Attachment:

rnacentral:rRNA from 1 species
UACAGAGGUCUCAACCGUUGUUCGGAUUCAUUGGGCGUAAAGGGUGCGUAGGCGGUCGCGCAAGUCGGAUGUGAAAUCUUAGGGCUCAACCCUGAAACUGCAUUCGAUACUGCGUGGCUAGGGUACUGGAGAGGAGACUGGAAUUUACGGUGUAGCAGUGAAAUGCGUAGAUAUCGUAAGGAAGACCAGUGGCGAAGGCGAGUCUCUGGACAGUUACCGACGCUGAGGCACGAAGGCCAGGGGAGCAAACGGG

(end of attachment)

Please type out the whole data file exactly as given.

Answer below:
rnacentral:rRNA from 1 species
UACAGAGGUCUCAACCGUUGUUCGGAUUCAUUGGGCGUAAAGGGUGCGUAGGCGGUCGCGCAAGUCGGAUGUGAAAUCUUAGGGCUCAACCCUGAAACUGCAUUCGAUACUGCGUGGCUAGGGUACUGGAGAGGAGACUGGAAUUUACGGUGUAGCAGUGAAAUGCGUAGAUAUCGUAAGGAAGACCAGUGGCGAAGGCGAGUCUCUGGACAGUUACCGACGCUGAGGCACGAAGGCCAGGGGAGCAAACGGG